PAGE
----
Politics

PAS in damage control after party polls

Nikita Nawawi
Written by Nikita Nawawi

KUALA SELANGOR – June 5, 2015: PAS president Datuk Seri Abdul Hadi Awang went into damage control mode today as he tried to heal the party in the aftermath of a bruising contest between the ulama and so-called progressive factions in the party election.

Speaking to reporters during the muktamar (annual assembly) here, he expressed optimism that the synergy between the ulama and progressive factions would remain strong despite their differences.

Hadi said that the progressive faction consisting mainly of professionals remains well represented in the hierarchy.

“If we look at the list of winners, the professionals managed to clinch positions in the CWC through former Immigration deputy director-general Razman Zakaria and former lecturer Datuk Dr Fadzli Hasan,” said Hadi.

But some say the names mentioned by Hadi are in fact believed to be more with the ulama camp, leaving activist Mazlan Aliman as the single progressive member in the CWC.

While Hadi retained his position, the result of the other contests turned the tables around.

Datuk Tuan Ibrahim Tuan Man defeated incumbent Mohamad Sabu for deputy president, followed by defeats for incumbents Datuk Husam Musa, Datuk Mahfuz Omar and Salahuddin Ayub from the progressive faction in the contests for vice-presidents which were won by Datuk Mohd Amar Abdullah, Datuk Iskandar Abdul Samad and Idris Ahmad.

Hadi thinks it’s too early to say if the victories by the ulama faction would cause PAS to lose support among non-Muslims.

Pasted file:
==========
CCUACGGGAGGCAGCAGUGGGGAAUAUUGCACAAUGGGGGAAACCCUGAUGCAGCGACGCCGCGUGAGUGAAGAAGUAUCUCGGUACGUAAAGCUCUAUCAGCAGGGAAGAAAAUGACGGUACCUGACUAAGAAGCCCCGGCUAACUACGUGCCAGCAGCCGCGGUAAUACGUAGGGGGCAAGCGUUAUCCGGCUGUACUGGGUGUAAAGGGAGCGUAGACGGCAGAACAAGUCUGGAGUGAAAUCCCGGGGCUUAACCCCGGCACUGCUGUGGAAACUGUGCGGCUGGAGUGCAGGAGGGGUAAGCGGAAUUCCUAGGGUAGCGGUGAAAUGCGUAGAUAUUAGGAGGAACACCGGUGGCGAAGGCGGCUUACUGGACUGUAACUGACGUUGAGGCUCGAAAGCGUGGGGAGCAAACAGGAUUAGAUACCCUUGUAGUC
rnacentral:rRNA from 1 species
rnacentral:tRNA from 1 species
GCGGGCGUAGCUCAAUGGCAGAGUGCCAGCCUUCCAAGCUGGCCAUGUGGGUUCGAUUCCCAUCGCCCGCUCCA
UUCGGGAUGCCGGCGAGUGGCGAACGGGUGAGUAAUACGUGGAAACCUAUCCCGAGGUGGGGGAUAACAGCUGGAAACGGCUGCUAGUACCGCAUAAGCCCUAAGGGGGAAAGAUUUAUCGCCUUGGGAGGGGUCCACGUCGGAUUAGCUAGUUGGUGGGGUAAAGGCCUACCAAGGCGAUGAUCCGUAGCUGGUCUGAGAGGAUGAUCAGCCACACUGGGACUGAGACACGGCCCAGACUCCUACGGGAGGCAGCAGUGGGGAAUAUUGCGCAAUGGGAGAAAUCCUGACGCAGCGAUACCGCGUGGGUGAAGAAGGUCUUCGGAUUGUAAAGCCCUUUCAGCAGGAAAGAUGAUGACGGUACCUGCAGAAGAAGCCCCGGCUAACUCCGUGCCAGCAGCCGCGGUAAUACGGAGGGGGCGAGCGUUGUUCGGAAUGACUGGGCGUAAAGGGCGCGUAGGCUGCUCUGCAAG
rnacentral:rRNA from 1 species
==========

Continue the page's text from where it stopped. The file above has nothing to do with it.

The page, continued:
On the motion carried by the Dewan Ulama for PAS to sever relations with the DAP, Hadi said this is for the Syura Council to decide.

He reiterated that the relationship between PAS and its Pakatan Rakyat partners DAP and PKR is solely based on the tahaluf siyasi (political cooperation) but this is not something cast in stone.

“We have practised tahaluf siyasi since the 1950’s with the Socialist Party and then Semangat 46, among others. We cooperate with other parties for the betterment of the people.

“However, it does not mean that we are bound to one party forever. We may call it quit with one party and build a new relationship with another if the existing cooperation no longer serves its purpose,” he said.

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About the author

Nikita Nawawi

Nikita Nawawi

Nikita Nawawi is an up-and-coming writer who started his involvement in the media industry serving established local English daily, before joining The Mole in October 2014 as journalist.